ST. LOUIS — Before this Stanley Cup Final began, Brad Marchand addressed his Boston Bruins teammates.
The gist of the message was simple: Don’t let this opportunity pass you by.
Marchand told the Bruins he had been there before, like five of his other teammates, back in the 2013 Stanley Cup Final - and he didn’t deliver.
It’s almost hard to remember. Marchand is labeled in our brains as a big-game player, assisting on the Cup-clinching goal in 2011 in Vancouver. Marchand was a monster in that Game 7 with two goals and one assist.
But 2013 was a different story. Marchand was blanked in six straight games by the Chicago Blackhawks. He didn’t register a point after posting 13 points in his previous 16 playoff contests that spring.
Marchand told his teammates he regretted it all summer.
“That caught our attention, for sure,” one Bruins player said, not willing to comment publicly on a private conversation. “I think we all took that to heart.”
Two games into this Stanley Cup Final, Marchand has just one empty-net goal to show for himself on the scoresheet. That’s one point in his last eight Final appearances.
It's not hyperbole to say the Bruins' success hinges on his stick: Boston is 24-1 when Marchand scores a goal in his playoff career and 36-42 when he does not.
In the larger scope, the Bruins’ “Perfection Line” with Patrice Bergeron, David Pastrnak and Marchand has been, well, more like the “Imperfection Line.” They haven’t made a dent in the series yet after being perhaps the most dominant line in these playoffs.
“We’re not concerned, regardless of how much you guys [the media] want to talk about it,” Marchand said Friday after practice in St. Louis.
How tough has it been for that line to get going against Brayden Schenn and the St. Louis Blues? Well, coach Bruce Cassidy briefly split up the line in the third period of Game 2 in Boston, deploying Pastrnak on a separate line. None of the Bruins’ big three skated north of 12 minutes at even-strength in Game 2.
“It’s been pretty tight, even just watching some video,” Marchand said.
Not only has the Blues’ top line with Schenn, Jaden Schwartz and Vladimir Tarasenko owned the puck possession game, but the Bruins’ top line has also struggled in the matchup against Jay Bouwmeester and Colton Parayko on defence.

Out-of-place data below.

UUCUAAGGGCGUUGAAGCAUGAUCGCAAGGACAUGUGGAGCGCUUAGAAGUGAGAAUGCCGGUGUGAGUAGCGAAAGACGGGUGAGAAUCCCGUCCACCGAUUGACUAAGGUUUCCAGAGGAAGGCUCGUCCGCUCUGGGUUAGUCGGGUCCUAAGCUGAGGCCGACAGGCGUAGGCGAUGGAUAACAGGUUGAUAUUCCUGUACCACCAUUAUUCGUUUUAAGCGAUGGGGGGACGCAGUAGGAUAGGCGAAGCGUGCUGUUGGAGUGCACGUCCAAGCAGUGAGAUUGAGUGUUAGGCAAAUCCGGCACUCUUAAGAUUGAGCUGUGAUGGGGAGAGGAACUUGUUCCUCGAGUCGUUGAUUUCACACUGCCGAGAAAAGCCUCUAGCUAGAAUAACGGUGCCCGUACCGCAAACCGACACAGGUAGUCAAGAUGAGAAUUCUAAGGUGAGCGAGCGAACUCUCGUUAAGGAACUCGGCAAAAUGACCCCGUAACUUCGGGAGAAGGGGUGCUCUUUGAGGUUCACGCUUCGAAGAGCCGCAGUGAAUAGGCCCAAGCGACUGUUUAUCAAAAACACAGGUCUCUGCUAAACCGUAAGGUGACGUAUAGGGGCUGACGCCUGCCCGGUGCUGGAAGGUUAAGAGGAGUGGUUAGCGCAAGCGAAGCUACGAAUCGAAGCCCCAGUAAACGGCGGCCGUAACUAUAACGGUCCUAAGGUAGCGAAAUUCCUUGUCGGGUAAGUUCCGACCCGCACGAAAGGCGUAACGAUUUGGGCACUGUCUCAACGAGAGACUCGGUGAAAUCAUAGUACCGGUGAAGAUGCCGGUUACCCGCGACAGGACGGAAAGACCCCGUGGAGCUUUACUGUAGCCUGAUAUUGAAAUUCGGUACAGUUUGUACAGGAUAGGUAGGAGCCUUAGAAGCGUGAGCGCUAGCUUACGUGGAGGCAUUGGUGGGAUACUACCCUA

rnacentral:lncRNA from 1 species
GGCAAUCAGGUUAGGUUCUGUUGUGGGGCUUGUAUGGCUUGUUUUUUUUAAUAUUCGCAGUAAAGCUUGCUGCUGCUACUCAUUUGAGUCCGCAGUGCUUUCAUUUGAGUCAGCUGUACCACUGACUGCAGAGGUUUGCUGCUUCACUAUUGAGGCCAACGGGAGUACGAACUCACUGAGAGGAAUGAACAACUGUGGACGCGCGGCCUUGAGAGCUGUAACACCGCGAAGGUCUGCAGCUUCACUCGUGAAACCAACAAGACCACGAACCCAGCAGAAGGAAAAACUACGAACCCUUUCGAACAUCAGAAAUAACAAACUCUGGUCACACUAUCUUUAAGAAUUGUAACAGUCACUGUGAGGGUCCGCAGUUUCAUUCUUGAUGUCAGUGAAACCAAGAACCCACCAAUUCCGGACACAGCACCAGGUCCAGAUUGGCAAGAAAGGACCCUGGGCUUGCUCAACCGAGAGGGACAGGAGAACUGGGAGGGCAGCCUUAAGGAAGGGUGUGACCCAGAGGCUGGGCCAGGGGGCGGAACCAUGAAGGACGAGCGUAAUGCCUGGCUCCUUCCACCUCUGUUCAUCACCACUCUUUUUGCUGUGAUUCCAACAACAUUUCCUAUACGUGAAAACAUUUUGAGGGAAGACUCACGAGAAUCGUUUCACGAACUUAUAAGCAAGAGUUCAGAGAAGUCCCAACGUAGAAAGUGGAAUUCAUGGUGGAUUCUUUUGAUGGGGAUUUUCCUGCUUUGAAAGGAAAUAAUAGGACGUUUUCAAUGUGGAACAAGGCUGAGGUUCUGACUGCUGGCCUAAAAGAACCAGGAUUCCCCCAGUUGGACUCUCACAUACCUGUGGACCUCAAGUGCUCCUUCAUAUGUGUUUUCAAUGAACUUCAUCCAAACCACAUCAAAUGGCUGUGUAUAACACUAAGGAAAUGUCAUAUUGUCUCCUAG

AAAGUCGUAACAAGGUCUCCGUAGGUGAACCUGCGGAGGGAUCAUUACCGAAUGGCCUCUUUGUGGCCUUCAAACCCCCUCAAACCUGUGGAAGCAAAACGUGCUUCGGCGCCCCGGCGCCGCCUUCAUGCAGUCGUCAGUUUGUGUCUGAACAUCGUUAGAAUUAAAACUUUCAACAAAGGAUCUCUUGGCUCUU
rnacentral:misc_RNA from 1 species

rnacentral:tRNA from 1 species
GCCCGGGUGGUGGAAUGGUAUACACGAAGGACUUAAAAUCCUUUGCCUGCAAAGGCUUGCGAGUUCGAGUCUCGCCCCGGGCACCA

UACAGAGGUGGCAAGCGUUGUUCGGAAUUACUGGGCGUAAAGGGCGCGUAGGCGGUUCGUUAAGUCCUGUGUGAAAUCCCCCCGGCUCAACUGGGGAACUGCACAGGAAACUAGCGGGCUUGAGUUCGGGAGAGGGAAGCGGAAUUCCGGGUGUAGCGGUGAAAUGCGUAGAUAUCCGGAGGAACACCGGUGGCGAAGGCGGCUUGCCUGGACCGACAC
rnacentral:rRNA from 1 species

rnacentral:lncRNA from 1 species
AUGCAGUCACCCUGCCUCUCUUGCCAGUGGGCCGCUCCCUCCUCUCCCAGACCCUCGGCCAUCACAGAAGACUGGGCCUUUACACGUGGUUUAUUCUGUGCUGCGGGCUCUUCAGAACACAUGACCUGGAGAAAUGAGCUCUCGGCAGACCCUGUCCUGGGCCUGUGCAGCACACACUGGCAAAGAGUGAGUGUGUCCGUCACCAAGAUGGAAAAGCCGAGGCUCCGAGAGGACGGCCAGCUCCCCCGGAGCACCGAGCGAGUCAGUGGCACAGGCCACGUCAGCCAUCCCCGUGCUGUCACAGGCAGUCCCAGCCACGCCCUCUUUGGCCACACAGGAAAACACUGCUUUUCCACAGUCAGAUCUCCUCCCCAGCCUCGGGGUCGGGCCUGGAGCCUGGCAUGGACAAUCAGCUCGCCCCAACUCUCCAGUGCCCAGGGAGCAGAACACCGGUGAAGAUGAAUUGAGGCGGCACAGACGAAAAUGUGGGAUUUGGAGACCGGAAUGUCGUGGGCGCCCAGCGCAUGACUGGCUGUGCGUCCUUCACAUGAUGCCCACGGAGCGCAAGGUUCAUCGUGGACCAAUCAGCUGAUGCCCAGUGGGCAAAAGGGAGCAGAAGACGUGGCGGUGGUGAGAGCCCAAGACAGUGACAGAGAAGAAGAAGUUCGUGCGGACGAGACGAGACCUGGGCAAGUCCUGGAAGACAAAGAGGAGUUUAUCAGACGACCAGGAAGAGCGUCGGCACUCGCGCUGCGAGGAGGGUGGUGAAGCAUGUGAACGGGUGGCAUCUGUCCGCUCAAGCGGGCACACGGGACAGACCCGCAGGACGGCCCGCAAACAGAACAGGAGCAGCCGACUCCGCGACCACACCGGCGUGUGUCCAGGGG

“They’ve done a good job against them,” Cassidy admitted. “Probably the two ‘D-men,’ they have long sticks, they’re mobile, smart. They’ve killed a lot of plays. Forward group, whoever’s played against them, it’s been Schenn, two or three different lines, have done a good job of tracking back so they can’t make a lot happen in front of the D.”
Parayko said that’s been part of the Blues’ gameplan against the Perfection Line.
“You have to have forwards back-checking hard. That gives us the opportunity to tighten up against them,” Parayko said. “They put pucks in good spots for each other and you have to be aware where they are on the ice at all times.”
There is no question that the Bruins’ big guns may be dealing with injury. It’s a war of attrition at this point in the spring.
Remember: the Blues ground down the San Jose Sharks in the Western Conference final, pushing Erik Karlsson, Joe Pavelski and Tomas Hertl out of the lineup for the series-clinching game. Oskar Sundqvist knocked Matt Grzelcyk out of the series, at least for now, with a suspected concussion on a hit that cost him a one-game suspension for boarding.
Bergeron missed practice on Friday, with Cassidy calling it a “maintenance day,” but he will play in Game 3 on Saturday night - a moment 49 years in the making in St. Louis.
Marchand was banged up in that pre-Final scrimmage that the Bruins put on during their 10-day layoff between games.
Is either player at 100 per cent? We won’t know that until after Cup is lifted.
They wouldn’t look at that as an excuse anyway. Bergeron played through torn rib cartilage in Game 4 in 2013 against Chicago, which eventually caused his lung to collapse.
For now, Cassidy said he remains confident that the Perfection Line is up to the challenge, which will only get tougher with the Blues having last change at home.
Cassidy predicted that Game 3 would be that line’s “best game of the series.”
“You know them well enough now, seeing how they perform in the playoffs,” Cassidy said. “They’ll eventually get to their game and I believe it’ll be [Saturday].”
There is plenty of recent history for Cassidy to hang his hat on. After rather sluggish starts to each series this spring, the top line has accounted for 16 goals in Games 4 through 7 of the first three rounds (six against Toronto, six against Columbus and four against Carolina). That number is especially impressive because there was only one of those games against Carolina - they scored all four goals in the 4-0 win to sweep the Eastern Conference Final.
“It’s a matter of inches,” Marchand said. “We’re going to keep battling.”
This was supposed to be Marchand’s moment. He has been the only 100-point player standing for three rounds now. Marchand posted 23 more points this season than any player in the Final.
Stanley is still in his sights, but short of a serious series turnaround, he is staring down another summer of regret.
Contact Frank Seravalli on Twitter: @frank_seravalli